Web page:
Two-dimensional (2-D) nanomaterials have been made by dissolving layered materials in liquids, according to new UCL-led research. The liquids can be used to apply the 2-D nanomaterials over large areas and at low costs, enabling a variety of important future applications.
2D nanomaterials, such as graphene, have the potential to revolutionise technology through their remarkable physical properties, but their translation into real world applications has been limited due to the challenges of making and manipulating 2D nanomaterials on an industrial scale.
The new approach, published today in Nature Chemistry, produced single layers of many 2D nanomaterials in a scalable way. The researchers used the method on a wide variety of materials, including those with semiconductor and thermoelectric properties, to create 2D materials that could be used in solar cells or for turning wasted heat energy into electrical energy, for example.
"2D nanomaterials have outstanding properties and a unique size, which suggests they could be used in everything from computer displays to batteries to smart textiles. Many methods for making and applying 2D nanomaterials are difficult to scale or can damage the material, but we've successfully addressed some of these issues. Hopefully our new process will help us realise the potential of 2D nanomaterials in the future," explained study director Dr Chris Howard (UCL Physics & Astronomy).
For the study, funded by the Royal Academy of Engineering and the Engineering and Physical Sciences Research Council, the scientists inserted positively charged lithium and potassium ions between the layers of different materials including bismuth telluride (Bi2Te3), molybdenum disulphide (MoS2) and titanium disulphide (TiS2), giving each layer a negative charge and creating a 'layered material salt'.
These layered material salts were then gently dissolved in selected solvents without using chemical reactions or stirring. This gave solutions of 2D nanomaterial sheets with the same shape as the starting material but with a negative charge.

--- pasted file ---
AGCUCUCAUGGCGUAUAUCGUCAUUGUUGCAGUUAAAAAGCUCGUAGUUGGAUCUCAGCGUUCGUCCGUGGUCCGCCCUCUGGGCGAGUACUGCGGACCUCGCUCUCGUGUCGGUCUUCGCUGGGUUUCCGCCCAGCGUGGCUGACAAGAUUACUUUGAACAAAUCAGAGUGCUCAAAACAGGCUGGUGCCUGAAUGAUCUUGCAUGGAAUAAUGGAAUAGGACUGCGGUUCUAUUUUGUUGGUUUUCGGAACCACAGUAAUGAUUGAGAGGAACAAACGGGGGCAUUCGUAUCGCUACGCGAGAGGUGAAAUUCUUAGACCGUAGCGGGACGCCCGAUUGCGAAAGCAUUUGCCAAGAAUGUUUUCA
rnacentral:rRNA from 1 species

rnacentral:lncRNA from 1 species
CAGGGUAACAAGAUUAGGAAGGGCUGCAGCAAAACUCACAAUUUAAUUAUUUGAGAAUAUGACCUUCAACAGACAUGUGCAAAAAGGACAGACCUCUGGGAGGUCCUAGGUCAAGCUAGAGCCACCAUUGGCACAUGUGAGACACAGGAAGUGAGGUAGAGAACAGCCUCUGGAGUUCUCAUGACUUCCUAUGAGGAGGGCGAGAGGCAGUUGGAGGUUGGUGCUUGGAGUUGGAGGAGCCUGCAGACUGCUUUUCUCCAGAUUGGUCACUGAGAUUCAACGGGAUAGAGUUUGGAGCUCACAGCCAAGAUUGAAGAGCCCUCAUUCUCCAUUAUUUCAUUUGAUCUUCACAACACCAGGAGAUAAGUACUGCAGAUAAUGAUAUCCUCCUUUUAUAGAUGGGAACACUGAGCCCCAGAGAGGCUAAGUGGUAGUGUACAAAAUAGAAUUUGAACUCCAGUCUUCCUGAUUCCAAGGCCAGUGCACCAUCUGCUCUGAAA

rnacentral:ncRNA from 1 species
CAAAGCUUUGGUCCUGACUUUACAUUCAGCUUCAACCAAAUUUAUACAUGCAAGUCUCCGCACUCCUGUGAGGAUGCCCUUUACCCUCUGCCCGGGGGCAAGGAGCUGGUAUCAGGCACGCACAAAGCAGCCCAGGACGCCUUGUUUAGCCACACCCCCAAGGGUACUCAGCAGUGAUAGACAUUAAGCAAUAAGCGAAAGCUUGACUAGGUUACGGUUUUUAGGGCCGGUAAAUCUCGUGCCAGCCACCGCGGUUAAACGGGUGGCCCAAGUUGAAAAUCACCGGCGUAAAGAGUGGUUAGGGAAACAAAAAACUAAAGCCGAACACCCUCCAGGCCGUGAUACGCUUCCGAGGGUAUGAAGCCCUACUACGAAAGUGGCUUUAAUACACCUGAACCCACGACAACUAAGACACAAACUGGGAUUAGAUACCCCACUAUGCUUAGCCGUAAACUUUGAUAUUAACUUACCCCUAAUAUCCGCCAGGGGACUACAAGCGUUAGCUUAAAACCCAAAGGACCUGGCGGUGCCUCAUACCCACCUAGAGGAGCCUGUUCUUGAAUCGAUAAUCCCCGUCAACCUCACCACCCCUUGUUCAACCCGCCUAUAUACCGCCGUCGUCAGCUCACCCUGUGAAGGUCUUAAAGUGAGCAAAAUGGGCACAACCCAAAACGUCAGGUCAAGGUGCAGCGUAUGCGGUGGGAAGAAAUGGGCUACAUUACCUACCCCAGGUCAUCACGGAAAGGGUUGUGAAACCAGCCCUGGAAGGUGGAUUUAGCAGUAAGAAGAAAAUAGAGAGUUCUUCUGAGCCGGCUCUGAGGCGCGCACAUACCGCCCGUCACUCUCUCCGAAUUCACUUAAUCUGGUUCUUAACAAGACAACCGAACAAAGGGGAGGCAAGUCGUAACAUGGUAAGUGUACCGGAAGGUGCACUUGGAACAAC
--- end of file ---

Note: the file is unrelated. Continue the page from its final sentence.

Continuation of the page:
The scientists analysed the contents of the solutions using atomic force microscopy and transmission electron microscopy to investigate the structure and thickness of the 2D nanomaterials. They found that the layered materials dissolved into tiny sheets of clean, undamaged, single layers, isolated in solutions.
The team from UCL, University of Bristol, Cambridge Graphene Centre and École Polytechnique Fédérale de Lausanne, were able to demonstrate that even the 2D nanomaterial sheets, comprising millions of atoms, made stable solutions rather than suspensions.
"We didn't expect such a range of 2D nanomaterials to form a solution when we simply added the solvent to the salt - the layered material salts are large but dissolve into liquid similar to table salt in water. The fact that they form a liquid along with their negative charge, makes them easy to manipulate and use on a large scale, which is scientifically intriguing but also relevant to many industries," said first author Dr Patrick Cullen (UCL Chemical Engineering).
"We've shown they can be painted onto surfaces and, when left to dry, can arrange themselves into different tiled shapes, which hasn't been seen before. They can also be electroplated onto surfaces in much the same way gold is used to plate metals. We're looking forward to making different 2D nanomaterials using our process and trying them out in different applications as the possibilities are near endless," he concluded.
UCL Business PLC (UCLB), the technology commercialisation company of UCL has patented this research and will be supporting the commercialisation process.